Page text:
Pasta con le sarde

While I love summer for its fruit, autumn for its earthy flavours and winter for hearty dishes, spring is my favourite time of year for vegetables – asparagus, broad beans, artichokes. And then there are the wild things – weeds, herbs and vegetables that grow spontaneously, filling up cracks in the pavement or taking over fields or overgrown garden corners. Foraging for edible weeds and making food with wild vegetables is taking a step back in... Read More

Cotoletta alla Milanese

This is one of those dishes that make a regular appearance on our table at home. It’s simple, it’s crunchy, it’s meaty and always satisfying. But while simple, there is somewhat of an art to getting this golden, breaded veal chop perfectly crisp outside and moist inside. All the credit to cooking and testing countless recipes, I have to say, goes to my husband Marco, who is obsessed with getting the most incredibly crisp breadcrumb... Read More

Beans Cooked in a Tuscan Jar

“First you need good beans.” The good advice of Elizabeth David always goes straight to the heart of the matter. We arrived back in Tuscany a week ago for what should be a few good months of family time, visiting friends and research, all peppered with good doses of eating and drinking. No sooner had we arrived at my mother in law’s house, weary from traveling halfway across the globe, did the pantry and kitchen doors open wide in invitation... Read More

Pizza with Homemade Mascarpone & Speck

This is a recipe that combines three favourite things. Pizza. Speck (or prosciutto if you can’t find it). And mascarpone. But not just any mascarpone — homemade mascarpone. Because homemade is so incredibly easy, you’ll wonder why you never tried it before, and because it’s so fresh, you’ll find it hard to go back to store-bought. Although often thought of as a sort of soft cream cheese, mascarpone is technically not... Read More

Crostini with cannellini and white anchovies

It’s been a busy new year — moving to a new city, trying to entertain and raise a fast-growing, handful of a toddler and keeping up with my blog and my Regional Italian Food column for Food52. And now I have a new gig as a recipe writer for the weekly Food & Wine supplement of The Canberra Times! For locals, it comes out on a Wednesday with the paper. For everyone else, the recipes go online at the Good Food website. I’ll be... Read More

100 year old apricot jam

This is a 123 year old recipe for apricot jam. It comes from my battered and worn pocket sized edition of Pellegrino Artusi‘s Science in the Kitchen and the Art of Eating Well. I only bought it a few years ago, it’s just battered because I use it all the time. I carry it around in my bag and read it’s old fashioned Italian like a novel. It’s often held open on one page with one hand while the other whisks or stirs. I don’t... Read More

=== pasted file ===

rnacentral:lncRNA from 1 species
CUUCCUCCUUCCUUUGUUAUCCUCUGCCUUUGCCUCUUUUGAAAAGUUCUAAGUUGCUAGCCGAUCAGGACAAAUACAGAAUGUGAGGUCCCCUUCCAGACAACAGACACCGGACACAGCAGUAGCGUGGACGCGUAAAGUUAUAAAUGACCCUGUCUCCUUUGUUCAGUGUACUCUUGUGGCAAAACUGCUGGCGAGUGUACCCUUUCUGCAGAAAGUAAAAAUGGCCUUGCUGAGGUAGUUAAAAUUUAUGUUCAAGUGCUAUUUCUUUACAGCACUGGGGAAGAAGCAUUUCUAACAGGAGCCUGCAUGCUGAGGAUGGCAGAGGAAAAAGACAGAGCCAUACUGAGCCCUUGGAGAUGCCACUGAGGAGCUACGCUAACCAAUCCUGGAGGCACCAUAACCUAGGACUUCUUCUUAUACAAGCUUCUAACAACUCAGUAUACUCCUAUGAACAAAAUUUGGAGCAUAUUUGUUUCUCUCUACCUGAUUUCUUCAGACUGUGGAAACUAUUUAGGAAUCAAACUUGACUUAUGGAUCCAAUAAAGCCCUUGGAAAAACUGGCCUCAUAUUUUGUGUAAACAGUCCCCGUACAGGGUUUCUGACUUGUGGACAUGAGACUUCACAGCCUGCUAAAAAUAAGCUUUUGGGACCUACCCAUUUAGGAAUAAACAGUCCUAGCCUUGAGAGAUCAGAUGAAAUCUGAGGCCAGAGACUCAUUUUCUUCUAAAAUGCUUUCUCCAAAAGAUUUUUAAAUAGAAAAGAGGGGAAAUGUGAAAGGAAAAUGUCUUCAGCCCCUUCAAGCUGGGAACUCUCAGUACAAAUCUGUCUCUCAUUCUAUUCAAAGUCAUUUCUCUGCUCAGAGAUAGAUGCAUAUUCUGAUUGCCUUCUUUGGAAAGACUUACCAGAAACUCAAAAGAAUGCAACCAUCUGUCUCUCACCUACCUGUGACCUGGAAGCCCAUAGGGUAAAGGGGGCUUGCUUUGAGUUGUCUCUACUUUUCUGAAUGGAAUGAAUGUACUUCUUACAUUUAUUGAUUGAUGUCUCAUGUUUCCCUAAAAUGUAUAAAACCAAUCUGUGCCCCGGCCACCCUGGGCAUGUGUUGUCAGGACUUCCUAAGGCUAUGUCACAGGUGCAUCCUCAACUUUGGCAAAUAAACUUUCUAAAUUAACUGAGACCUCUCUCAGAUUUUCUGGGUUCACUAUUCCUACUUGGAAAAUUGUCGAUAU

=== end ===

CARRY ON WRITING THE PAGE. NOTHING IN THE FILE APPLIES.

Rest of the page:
Italian Table Talk: Zuppa di moscardini

Soup is the measure of a good cook. It may be a simple and humble vegetable soup or an extravagent bisque, but either way, it needs to be made with the knowledge of how to get the flavour out of your ingredients. Layers are key. As is texture. And a good stock goes a long way. It’s a dish that takes not necessarily time but a certain amount of skill and instinct in the kitchen. We decided that soup should be this month’s theme for our Italian... Read More

Cozze Ripiene – Stuffed Mussels

This is a clever and thrifty dish with peasant origins from Puglia, the most southern tip of Italy’s peninsula. It’s an area which is rich and abundant in seafood, grains and vegetables but over the centuries has seen some of the worst poverty in the country. It’s famous port city, Taranto, is known as the city of two seas as it’s home to two geographically interesting bodies of water known as “The Great Sea” and the flat,... Read More

A summer cake: plum and ricotta tart

A neighbour’s plum tree hangs over into our courtyard. By a lot. Dark plums, with a matte grey-blue coating a sometimes dark blue, sometimes pinkish-purple skin. Inside they’re sweet yellow, but when picked a little early, like I did to beat the birds (they wait until that crucial moment when the plums are just ripe – somehow they know – then they strip the tree at the blink of an eye before you’ve even had a chance to get out... Read More

Caprese: the ultimate summer salad

The first time I grew my own tomatoes was in an unlikely spot: in terracotta pots on a sun-drenched rooftop spitting distance from the Palazzo Vecchio. They were a great success and now that we are lucky enough to have our own little vegetable patch, where we’ve grown many more things from broad beans to kale, we’ve continued growing them from seed. I’ve found there’s nothing more satisfying than eating a tomato that you’ve... Read More